The excess reserves won’t be distributed evenly across all banks and some banks will have deficient reserves and thus need to bolster them on any particular day. Those banks with excess reserves then have an incentive to lend the funds out on the interbank market to the banks with reserve shortages. The latter have an incentive to borrow because the other option is to get the reserve shortfall from the central bank at a penalty rate via the discount window.

So the dynamic that accompanies a budget deficit is for competition in the interbank market (lending banks seeking borrowing banks) to compete the overnight interest rate down.

This is a major point that neo-liberal macroeconomics just fails to understand. They claim that deficits drive interest rates up because there is a scarcity of funds available to “finance” the deficit. But it is clear that bank loans are not constrained by deposits (reserves) and they will lend to any credit worthy customer.

So budget deficits, other things equal, put downward pressure on short-term interest rates.

This competition cannot rid the so-called “cash system” of the excess reserves. All transactions between the banks net to zero (for every asset created there is an offsetting liability created) and so they cannot change the net position. The competition just redistributes the excess reserves among the banks rather than eliminates it. So the downward pressure on rates is constant.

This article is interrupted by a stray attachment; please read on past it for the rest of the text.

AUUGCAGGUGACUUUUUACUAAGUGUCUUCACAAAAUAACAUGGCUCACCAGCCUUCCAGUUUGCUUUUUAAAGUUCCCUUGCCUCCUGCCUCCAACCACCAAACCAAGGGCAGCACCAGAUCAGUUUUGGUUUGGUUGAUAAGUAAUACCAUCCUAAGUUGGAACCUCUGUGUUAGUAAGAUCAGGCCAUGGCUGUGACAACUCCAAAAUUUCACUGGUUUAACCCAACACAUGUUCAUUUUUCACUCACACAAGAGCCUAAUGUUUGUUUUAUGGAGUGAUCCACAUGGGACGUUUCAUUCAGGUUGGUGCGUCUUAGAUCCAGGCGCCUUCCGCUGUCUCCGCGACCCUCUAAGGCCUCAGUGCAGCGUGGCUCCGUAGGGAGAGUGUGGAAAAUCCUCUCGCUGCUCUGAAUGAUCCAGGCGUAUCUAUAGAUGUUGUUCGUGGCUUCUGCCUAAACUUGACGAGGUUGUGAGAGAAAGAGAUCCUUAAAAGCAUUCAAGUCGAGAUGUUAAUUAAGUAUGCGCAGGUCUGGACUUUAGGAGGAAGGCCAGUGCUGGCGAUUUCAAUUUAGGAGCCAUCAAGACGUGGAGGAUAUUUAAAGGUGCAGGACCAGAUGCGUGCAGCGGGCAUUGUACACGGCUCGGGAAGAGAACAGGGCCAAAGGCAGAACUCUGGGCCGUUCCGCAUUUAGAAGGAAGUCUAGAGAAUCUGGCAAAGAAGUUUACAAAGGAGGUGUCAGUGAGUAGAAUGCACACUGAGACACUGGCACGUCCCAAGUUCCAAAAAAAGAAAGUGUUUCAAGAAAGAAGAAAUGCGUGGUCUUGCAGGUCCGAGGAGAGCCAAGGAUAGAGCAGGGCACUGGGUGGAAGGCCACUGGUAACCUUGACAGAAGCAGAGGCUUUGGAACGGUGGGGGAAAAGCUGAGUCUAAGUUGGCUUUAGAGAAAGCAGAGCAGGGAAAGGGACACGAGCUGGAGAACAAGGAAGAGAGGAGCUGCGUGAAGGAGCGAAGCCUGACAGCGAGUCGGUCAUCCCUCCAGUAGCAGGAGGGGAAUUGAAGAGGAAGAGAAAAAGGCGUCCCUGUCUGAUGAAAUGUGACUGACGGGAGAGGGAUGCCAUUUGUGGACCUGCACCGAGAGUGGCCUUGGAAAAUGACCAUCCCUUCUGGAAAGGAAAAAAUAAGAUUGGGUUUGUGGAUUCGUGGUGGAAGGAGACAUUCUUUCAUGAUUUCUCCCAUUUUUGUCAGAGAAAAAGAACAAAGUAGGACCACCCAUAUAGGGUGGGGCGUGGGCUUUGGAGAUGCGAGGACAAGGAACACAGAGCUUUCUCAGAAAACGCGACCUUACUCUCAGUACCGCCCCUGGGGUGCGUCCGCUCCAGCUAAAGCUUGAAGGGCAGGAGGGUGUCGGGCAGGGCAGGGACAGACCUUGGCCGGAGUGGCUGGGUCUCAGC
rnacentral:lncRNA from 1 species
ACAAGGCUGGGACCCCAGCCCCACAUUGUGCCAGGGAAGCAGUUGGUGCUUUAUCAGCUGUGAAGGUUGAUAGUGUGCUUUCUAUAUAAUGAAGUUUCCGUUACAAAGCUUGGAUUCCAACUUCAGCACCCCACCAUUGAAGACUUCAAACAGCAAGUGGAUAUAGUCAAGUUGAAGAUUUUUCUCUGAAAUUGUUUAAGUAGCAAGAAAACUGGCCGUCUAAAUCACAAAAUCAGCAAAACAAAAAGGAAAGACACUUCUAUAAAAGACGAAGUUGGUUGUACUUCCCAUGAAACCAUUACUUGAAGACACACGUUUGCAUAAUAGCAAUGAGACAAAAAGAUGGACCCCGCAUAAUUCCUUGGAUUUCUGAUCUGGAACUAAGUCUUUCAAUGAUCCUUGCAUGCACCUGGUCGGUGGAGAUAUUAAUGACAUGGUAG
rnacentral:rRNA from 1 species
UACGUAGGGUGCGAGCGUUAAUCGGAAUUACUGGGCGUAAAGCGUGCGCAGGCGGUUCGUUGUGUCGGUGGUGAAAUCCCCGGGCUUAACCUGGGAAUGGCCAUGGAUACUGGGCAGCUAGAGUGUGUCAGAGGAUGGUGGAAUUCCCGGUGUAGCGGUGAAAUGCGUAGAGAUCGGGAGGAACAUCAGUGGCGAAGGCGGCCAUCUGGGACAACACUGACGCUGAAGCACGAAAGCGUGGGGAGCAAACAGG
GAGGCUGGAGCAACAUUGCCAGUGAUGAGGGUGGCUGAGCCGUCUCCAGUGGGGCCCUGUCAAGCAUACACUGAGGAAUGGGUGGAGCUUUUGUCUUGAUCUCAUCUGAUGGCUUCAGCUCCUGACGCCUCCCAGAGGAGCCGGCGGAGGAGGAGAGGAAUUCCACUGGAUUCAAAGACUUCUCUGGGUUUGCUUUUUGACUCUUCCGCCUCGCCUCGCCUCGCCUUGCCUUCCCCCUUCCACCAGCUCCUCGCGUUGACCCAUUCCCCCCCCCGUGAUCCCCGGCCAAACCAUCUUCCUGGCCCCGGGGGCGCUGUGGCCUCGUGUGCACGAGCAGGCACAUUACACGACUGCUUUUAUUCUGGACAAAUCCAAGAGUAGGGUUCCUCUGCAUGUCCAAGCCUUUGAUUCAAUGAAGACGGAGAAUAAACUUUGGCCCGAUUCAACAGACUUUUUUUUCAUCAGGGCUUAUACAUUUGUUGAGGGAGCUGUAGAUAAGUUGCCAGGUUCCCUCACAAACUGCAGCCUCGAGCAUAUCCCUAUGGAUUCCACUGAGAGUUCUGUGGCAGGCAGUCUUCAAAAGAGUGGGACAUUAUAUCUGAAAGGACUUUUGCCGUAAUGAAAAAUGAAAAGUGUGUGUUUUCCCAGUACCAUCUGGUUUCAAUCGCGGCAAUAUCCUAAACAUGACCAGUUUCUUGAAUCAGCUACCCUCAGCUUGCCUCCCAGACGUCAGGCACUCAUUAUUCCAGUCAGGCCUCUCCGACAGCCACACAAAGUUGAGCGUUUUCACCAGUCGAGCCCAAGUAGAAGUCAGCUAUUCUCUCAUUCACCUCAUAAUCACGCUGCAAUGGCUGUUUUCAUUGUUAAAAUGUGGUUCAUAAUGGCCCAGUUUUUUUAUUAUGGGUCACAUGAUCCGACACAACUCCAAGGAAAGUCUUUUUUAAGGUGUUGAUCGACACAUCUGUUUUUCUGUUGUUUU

What happens next? It depends on the support rate that the central bank offers. In Japan and the US this has been zero whereas in Australia the RBA offers banks a return of 25 basis points below the current short-term rate on overnight reserves.

So the support rate in relation to the target rate creates the “corridor” in which the interbank competition will move the overnight rate. But the important point is that if the central bank wants to hold to its monetary policy stance – which manifests as the target rate – then unless it intervenes when there are excess reserves, the interbank competition will take control of the central bank and the monetary policy position will be compromised (lost)!